|Part 1 of the swap session completed|
So, I was just sent some brakes and shifters from Gevenalle. The package came with a front derailleur as well. Now the plan was set all along that this stuff was going on the Tamland. That meant that I would be removing a full brake set, front derailleur, and shifters. Avid and Ultegra stuff. Nice stuff that works pretty well.
So, that stuff couldn't just sit around and lean either. What to do? Well, I came up with a plan. See, there is another bicycle I have that has SRAM on it and, well, I just do not think that SRAM road stuff is very good. I held off judgment on it until I had a lot of rides on the stuff, but I can say that, for me, the SRAM road stuff is slower shifting, feels clunky compared to Shimano, and worse, the levers are much harder to actuate from the drops than Shimano's are.
Now I had almost everything I needed to switch the Twin Six Standard Rando to Shimano from SRAM. Everything but a rear derailleur and a crank set. Okay, well it just so happens that I had a slightly defective long cage Ultegra rear derailleur in the bin. I looked at it and sure enough, I was able to get it to be perfectly functional. The crank? Well, that isn't going to be critical to overcoming my complaints, so that stays.......for the time being.
|Old school, reliable, and actually lighter than the Ultegra one.|
Well, enough about that, what about the Raleigh? Well, as long time blog readers here probably know, I really have enjoyed the Gevenalle, (formerly Retroshift), shifters, which ironically enough, cannot be shifted from the drops! That fact doesn't escape me, but I have learned to be able to execute shifts and return to the drops just fine, not unlike going to a downtube shifter and back. A step backwards? Perhaps. It used to be called Retroshift after all.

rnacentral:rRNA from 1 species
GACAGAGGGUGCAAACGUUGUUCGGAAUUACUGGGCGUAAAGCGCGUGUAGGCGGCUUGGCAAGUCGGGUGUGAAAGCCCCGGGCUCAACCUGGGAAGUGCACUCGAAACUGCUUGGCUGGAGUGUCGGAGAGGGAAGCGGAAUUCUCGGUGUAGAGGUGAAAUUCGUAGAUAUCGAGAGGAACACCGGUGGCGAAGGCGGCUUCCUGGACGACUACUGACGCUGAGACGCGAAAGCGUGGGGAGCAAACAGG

But they are dead simple not only in execution, but also in ease of use, and quite forgiving of inclement conditions. Stick your Gevenalle shifter into a mud hole when you crash, and you can get up and go with the confidence that the sifters not only survived, but work flawlessly. Now from where I sit, that isn't a common occurrence, but copious amounts of gritty dust? That's a commonly seen issue, and Gevenalle shifters are pretty much impervious to dust and grit.
Now they have mated the shifter to a TRP hydraulic drop bar lever. Hydraulic brakes? Yes. They are not 100% necessary, this is true, but they are easier to use. Less effort at the lever for better braking power? As a mechanic who has pulled wrenches for 20 + years, I'll take that advantage. I bet those who are dead tired on a ride and have to negotiate a 35mph downhill on loose gravel will also appreciate the easy modulation of a disc brake using hydraulic fluids. How these hold up, actually work in the field, and how they stack up ergonomically are things I am interested in discovering.
Stay tuned on that.
But the weekend wasn't a complete wash because I was sick, and now, well........I cannot wait to get out riding again!